A good book has a protagonist that you cheer for. Some titles have such compelling antagonists (making you root for the hero even more!) that they stick with you long after you’ve finished the story.

Here’s a list of some quite despicable school bullies in literature that have helped shape our favorite heroes:


Harriet the Spy by Louise Fitzhugh (Grades 4-6, Level T, Lexile: 760)


Marion Hawthorne

Bullies: Marion Hawthorne and
Miss Elson’s Sixth Grade Class from The Gregory School

harriet the spy

Hero: Harriet M. Welsch

Marion is the posh, spoiled classmate of Harriet. She typically uses intimidation tactics with her icy glares to get her way. Marion has a knack for saying just the right things in her haughty tone to get under Harriet’s skin.  One day Harriet’s most secret journal is discovered and read to the entire class. The journal contains her observations on classmates, some that are not very nice. Marion uses Harriet’s reaction after the journal debacle to cause more trouble, including a big initiative to take down Harriet with the rest of the class. Despite Marion’s and the class’ mischievous antics, Harriet overcomes and accepts the consequences of her actions, making her a stronger friend in the end and an overall better person.


A Series of Unfortunate Events by Lemony Snicket (Grades 4-12, Level V)



Bully: Carmelita Spats


Heroes: Sunny, Klaus and Violet Baudelaire

“If you were going to give a gold medal to the least delightful person on Earth, you would have to give that medal to a person named Carmelita Spats, and if you didn’t give it to her, Carmelita Spats was the sort of person who would snatch it from your hands anyway.”
A fitting description for a ‘vile’ bully, Carmelita doesn’t have a nice bone in her body and never hesitates to call the Baudelaire children the ultimate diss: cakesniffers. Her insults to the siblings don’t cut deep; they act as a reminder that as long as they have one another, the Baudelaires can make it through any situation that comes their way. We never really find out what becomes of Carmelita at the end of the series, but what is known is that Carmelita is the biggest, baddest bully Prufock Preparatory School has ever seen. A title she would wear proudly, I’m sure.


Wonder by R.J. Palacio (Grades 4-7, Level U, Lexile: 790)



Bully: Julian


Hero: Auggie

Julian is the playground bully that Auggie has to face every day at school. We later learn in an exclusive chapter, not included in the original book, that Julian’s attitude stems from his own troubles and insecurities. This doesn’t take away from the cruelty of Julian’s behavior towards Auggie, which deeply hurts him. Auggie discovers his bravery and resilience through the taunting and realizes that kids like Julian don’t define or control his feelings. Julian is a complicated and hard character to get behind in Wonder, but he’s necessary in showcasing the reality of bullies that appear in many schools.


Pretty Little Liars by Sara Shepherd (Grades 9-12)



Bully: ‘A’


Heroes: Hanna Marin, Spencer Hastings,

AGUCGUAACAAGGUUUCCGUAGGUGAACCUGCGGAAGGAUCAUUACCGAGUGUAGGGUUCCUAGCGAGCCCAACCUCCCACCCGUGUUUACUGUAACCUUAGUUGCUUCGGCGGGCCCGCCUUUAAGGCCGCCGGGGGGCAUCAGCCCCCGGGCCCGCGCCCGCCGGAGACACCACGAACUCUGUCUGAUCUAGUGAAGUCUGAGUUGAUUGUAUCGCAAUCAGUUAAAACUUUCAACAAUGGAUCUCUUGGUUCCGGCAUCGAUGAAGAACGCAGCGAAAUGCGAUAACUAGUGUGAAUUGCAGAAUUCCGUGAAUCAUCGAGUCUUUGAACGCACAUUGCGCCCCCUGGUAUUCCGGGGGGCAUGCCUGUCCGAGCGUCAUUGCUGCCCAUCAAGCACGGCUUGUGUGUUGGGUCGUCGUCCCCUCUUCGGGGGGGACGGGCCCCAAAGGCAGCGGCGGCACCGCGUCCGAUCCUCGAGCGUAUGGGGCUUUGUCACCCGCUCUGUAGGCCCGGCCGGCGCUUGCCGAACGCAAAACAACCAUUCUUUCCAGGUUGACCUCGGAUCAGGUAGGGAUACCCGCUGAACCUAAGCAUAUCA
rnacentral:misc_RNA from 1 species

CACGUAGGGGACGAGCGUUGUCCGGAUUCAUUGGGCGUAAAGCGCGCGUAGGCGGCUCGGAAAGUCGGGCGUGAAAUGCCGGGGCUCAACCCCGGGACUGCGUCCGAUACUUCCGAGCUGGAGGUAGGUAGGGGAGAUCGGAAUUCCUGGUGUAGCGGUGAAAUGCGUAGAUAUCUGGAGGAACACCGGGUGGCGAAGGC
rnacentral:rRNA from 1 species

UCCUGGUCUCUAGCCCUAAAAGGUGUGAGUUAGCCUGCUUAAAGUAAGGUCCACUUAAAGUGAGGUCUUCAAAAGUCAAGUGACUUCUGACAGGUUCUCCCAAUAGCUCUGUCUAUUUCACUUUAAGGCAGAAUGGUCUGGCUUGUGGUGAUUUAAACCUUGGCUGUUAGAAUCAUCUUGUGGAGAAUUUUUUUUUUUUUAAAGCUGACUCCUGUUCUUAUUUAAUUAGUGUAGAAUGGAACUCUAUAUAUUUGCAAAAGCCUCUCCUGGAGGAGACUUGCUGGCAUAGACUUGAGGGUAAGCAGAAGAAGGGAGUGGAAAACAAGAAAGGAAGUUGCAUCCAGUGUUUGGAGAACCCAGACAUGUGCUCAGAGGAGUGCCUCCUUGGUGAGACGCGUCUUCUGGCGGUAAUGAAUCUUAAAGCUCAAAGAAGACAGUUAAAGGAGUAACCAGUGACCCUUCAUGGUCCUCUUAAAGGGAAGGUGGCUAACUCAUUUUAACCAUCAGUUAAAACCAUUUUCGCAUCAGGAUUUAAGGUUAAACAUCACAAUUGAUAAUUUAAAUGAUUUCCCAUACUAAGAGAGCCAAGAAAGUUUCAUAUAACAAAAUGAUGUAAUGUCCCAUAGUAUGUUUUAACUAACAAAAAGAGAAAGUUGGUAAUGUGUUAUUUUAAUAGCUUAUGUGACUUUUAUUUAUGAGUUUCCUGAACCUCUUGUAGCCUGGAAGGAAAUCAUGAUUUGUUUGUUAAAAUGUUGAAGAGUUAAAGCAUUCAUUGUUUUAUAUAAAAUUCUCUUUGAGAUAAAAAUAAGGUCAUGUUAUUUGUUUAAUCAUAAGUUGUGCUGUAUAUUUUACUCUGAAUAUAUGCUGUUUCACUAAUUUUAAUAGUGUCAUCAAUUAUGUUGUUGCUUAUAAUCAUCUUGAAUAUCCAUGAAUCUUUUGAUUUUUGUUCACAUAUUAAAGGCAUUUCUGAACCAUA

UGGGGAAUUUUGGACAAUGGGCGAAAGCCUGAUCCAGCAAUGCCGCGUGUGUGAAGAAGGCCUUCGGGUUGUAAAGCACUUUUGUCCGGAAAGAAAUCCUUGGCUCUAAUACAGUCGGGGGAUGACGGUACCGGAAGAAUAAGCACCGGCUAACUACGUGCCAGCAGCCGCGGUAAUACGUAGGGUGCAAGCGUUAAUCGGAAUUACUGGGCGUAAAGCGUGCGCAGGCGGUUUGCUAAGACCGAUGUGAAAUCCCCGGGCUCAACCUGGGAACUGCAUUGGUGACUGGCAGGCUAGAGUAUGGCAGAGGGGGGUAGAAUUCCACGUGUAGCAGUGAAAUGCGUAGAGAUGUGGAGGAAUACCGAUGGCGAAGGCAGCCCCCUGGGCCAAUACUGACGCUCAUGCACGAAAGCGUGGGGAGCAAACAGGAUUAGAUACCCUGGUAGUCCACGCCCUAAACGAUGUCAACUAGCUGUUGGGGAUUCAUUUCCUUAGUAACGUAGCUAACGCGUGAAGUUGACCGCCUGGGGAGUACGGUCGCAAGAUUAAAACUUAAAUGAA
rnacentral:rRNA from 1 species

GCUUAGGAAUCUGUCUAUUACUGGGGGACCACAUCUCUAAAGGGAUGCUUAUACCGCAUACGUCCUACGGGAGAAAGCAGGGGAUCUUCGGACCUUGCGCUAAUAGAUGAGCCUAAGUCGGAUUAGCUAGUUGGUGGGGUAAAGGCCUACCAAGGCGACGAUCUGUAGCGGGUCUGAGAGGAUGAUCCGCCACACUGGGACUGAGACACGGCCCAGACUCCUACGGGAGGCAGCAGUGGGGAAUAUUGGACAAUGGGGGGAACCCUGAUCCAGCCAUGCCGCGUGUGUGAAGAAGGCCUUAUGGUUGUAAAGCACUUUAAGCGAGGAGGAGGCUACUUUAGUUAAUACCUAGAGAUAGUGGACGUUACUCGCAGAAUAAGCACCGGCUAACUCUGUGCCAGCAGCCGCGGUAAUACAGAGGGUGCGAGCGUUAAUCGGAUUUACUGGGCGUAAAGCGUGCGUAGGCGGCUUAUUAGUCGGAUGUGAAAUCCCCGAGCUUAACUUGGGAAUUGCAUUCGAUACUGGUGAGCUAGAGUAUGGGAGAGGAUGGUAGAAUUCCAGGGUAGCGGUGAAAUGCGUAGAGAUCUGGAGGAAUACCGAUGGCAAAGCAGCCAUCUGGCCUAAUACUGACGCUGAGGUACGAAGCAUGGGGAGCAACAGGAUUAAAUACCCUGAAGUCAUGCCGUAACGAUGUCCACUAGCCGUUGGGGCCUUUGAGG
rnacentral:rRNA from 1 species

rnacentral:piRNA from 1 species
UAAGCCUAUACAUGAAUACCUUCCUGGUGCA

Emily Fields and Aria Montgomery

‘A’ is a bully like no other, harassing the four main characters in this series, at times almost to the death! After their friend Ali goes missing, the once close group of friends go their separate ways. One day, ‘A’ appears, bringing the gang back together. The girls constantly receive secret messages from unknown numbers and find themselves in dangerous situations all at the hands of this mysterious ‘A.’ Throughout the series, the girls find solace through their strong friendship. It’s their bond that gives them the confidence to start taking back their lives, combating their bully and figuring out just what happened to Ali. Known as a bully with a bit of flare and witticisms, ‘A’ is the ultimate relentless tormenter that tracks the girls both inside and outside of school.


Harry Potter by J. K. Rowling (Grades 4-12)


draco malfoy

Bully: Draco Malfoy

Harry Potter

Hero: Harry Potter

Arguably one of the most well-known bullies in literature (how many of these lists boast his name?!), Draco is a classic bully with deep, conflicting layers. Draco leads his band of cronies to annoy and provoke Harry and his friends throughout the series, highlighting the fact that Harry is an orphan. You can almost see the spit fly off the page when he spits “Potter!” However, his tomfoolery slowly turns darker and more disturbing as the series continues. Escalating events throughout each book reveal an unsure Draco – having a difficult time deciding to turn his back on his classmates and go “all in” to the evil wizard Lord Voldemort’s side or not. With this conflict, Draco’s bullying begins to go much further than surface-level pranks. Harry never lets Draco get the best of him, often standing up to him on behalf of his classmates. As both Draco and Harry mature throughout the series, Harry finds strength to fight back with the love he has for his friends, who have become his family. Not only does he fend off Draco’s bullying, he leads the budding wizard war against Lord Voldemort to combat the hatred against muggles (wizards born to non-magical families) with love and acceptance.